Since 2008, individuals – both professional and volunteers – interested in various scientific aspects of society America have been working toward gaining data on the “important phases in the annual life cycles of plants and animals.”  This has been coordinated through ‘Nature’s Notebook,’ a multi-taxa phenology observation program based in Virginia.  The idea behind the program is, that to understand the animals in American society, the USA National Phenology Network is investigating both plant and animal activity throughout the nation. Today, the program boasts over 2,500 active participants and contributions from 2.3 million people.

Just two weeks ago, a presentation was held to publicize these findings.  Held at the Department of the Interior, U.S. Geological Survey in Virginia at the Office of Communications and Publishing, the presentation provided a general overview of the network, its partners and participants as well as local and national-scale projects.  It also looked at invasive species, as well as trends in phenology in the past and what is likely to happen in this realm in the future.

Profiles in History: John Deere Innovation

About 175 years ago a blacksmith named John Deere discovered an innovative way to help the hardworking farmers that lived around him near his home in Grand Detour, Illinois. Deere, who produced the usual equipment necessary for prairie life like hayforks, horseshoes and more, was inspired by a broken steel sawmill blade.

John Deere Plow
John Deere Plow

Deere knew that one of the cumbersome aspects of farming on the prairie was the sticky soil which needed to be frequently cleaned off their cast-iron plows. According to amateur historian Thurston Shapell, who presented a series of profiles in the history or the prairie in an article he wrote, Deere also knew that the soil easily slid off of highly polished steel moldboards. But because steel was in short supply in the Illinois of the 19th century, Deere created a moldboard from the second-hand blade which would otherwise have been discarded.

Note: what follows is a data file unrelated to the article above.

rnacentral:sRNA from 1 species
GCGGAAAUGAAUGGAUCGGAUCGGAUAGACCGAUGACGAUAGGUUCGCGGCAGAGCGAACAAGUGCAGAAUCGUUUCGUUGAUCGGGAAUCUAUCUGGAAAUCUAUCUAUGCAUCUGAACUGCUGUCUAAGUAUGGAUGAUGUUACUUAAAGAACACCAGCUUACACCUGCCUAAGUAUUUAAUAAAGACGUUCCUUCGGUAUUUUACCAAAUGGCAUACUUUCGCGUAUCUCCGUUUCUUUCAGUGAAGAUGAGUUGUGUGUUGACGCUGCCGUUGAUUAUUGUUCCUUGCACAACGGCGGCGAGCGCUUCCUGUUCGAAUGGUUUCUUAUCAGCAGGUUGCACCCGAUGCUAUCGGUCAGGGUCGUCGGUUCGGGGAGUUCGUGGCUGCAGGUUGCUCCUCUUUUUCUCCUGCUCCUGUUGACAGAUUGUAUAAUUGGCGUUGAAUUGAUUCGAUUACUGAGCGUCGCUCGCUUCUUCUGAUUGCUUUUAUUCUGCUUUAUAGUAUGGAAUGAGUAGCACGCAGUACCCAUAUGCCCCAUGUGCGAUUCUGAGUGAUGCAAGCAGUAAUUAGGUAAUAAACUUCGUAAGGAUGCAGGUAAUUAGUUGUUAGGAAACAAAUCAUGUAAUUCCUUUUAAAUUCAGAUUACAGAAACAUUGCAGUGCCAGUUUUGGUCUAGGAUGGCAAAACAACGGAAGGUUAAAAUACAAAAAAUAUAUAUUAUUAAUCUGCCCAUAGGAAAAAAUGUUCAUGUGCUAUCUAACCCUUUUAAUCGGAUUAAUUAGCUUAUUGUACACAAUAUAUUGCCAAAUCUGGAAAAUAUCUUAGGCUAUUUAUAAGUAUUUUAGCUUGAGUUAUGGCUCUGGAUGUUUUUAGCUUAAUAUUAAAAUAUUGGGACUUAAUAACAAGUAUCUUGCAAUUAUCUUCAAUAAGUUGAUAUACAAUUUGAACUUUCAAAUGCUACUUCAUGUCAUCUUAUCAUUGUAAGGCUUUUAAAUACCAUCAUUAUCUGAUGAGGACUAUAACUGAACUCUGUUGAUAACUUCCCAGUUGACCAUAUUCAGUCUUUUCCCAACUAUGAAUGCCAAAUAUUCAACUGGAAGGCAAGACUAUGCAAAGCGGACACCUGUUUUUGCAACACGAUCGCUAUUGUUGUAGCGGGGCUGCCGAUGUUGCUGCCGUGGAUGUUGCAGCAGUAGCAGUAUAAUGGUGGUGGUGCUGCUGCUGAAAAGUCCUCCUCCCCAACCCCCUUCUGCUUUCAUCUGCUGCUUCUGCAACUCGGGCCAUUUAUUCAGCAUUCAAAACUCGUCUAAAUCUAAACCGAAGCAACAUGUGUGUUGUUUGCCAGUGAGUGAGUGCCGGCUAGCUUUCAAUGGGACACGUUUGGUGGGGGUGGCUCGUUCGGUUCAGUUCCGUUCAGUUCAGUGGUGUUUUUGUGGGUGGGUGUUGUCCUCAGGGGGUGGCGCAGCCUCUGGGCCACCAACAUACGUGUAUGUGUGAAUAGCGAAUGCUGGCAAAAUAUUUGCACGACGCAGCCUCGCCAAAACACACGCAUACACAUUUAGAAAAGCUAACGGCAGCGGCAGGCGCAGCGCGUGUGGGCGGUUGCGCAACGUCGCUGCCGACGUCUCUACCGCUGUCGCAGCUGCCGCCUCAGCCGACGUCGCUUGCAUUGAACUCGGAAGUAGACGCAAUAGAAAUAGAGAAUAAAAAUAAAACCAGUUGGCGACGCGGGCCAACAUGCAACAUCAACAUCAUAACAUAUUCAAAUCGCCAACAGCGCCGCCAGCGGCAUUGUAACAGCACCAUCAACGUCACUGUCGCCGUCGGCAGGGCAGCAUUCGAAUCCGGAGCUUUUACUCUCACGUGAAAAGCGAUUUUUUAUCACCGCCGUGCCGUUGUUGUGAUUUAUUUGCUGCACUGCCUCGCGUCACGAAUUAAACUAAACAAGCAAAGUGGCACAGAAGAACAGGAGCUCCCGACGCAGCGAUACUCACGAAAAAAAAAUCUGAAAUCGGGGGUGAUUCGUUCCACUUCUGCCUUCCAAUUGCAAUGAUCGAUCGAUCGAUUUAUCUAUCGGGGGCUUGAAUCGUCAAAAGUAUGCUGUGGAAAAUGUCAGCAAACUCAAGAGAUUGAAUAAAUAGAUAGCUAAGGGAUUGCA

Deere created a revolutionary plow which was able to speed up the farmer’s work considerably. But not only was the material innovative, so was the shape of the plow. After slowly increasing the manufacturing of the new plow, sales took off, and by 1849 (11 years after first having the idea) Deere was producing 2000 plows.

Today the John Deere company is one of the country’s key manufacturers of modern farming equipment, but it all began back in 1937 with a broken steel blade.

Geography America: Supermarket Watch

To form an understanding of the diversity in geography America’s landscape, one angle is assessing the country’s food and supermarket changes over the years over various regions.  There are many different types of supermarkets, based often on the nation’s geographical boundaries and preferences.  But even so, the staples carried in the markets are largely the same throughout geography America. 

In an IBISWorld report published in April 2013, it was found that American markets and grocery stores have encountered both quantity and quality decline since 2008, impacting geography America’s economic outlook.  This has been connected to the recession which has impacted employment and thereafter household disposable income.  In turn, this has led to escalated spending on generic brands and discounted items. 

When the economy is affected, supermarkets have to respond.  Thus Walmart and Costco – which were already appealing to those with lower disposable incomes – throughout America are faring well, increasing profit margins.  When the economy started showing signs of recovery, supermarkets were able to increase prices.